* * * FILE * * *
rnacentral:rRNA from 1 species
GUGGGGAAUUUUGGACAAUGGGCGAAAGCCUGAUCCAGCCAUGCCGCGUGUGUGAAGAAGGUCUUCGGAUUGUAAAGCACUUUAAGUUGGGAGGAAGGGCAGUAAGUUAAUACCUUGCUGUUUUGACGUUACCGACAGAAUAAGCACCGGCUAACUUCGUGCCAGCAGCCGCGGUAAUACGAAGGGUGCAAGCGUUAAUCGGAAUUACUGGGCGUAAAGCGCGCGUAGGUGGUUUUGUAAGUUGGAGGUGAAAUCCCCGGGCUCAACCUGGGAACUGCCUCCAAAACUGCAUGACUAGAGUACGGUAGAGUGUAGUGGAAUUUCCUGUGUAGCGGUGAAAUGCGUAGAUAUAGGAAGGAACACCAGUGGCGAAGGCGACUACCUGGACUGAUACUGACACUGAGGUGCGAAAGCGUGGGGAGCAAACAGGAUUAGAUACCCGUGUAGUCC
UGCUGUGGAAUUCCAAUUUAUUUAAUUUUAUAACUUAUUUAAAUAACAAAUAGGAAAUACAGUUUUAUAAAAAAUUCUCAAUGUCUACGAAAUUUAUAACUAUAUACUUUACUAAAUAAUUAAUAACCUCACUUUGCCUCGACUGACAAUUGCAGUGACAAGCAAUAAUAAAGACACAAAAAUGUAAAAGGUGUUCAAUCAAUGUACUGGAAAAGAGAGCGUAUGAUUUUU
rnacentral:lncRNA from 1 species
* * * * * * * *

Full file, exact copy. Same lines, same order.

rnacentral:rRNA from 1 species
GUGGGGAAUUUUGGACAAUGGGCGAAAGCCUGAUCCAGCCAUGCCGCGUGUGUGAAGAAGGUCUUCGGAUUGUAAAGCACUUUAAGUUGGGAGGAAGGGCAGUAAGUUAAUACCUUGCUGUUUUGACGUUACCGACAGAAUAAGCACCGGCUAACUUCGUGCCAGCAGCCGCGGUAAUACGAAGGGUGCAAGCGUUAAUCGGAAUUACUGGGCGUAAAGCGCGCGUAGGUGGUUUUGUAAGUUGGAGGUGAAAUCCCCGGGCUCAACCUGGGAACUGCCUCCAAAACUGCAUGACUAGAGUACGGUAGAGUGUAGUGGAAUUUCCUGUGUAGCGGUGAAAUGCGUAGAUAUAGGAAGGAACACCAGUGGCGAAGGCGACUACCUGGACUGAUACUGACACUGAGGUGCGAAAGCGUGGGGAGCAAACAGGAUUAGAUACCCGUGUAGUCC
UGCUGUGGAAUUCCAAUUUAUUUAAUUUUAUAACUUAUUUAAAUAACAAAUAGGAAAUACAGUUUUAUAAAAAAUUCUCAAUGUCUACGAAAUUUAUAACUAUAUACUUUACUAAAUAAUUAAUAACCUCACUUUGCCUCGACUGACAAUUGCAGUGACAAGCAAUAAUAAAGACACAAAAAUGUAAAAGGUGUUCAAUCAAUGUACUGGAAAAGAGAGCGUAUGAUUUUU
rnacentral:lncRNA from 1 species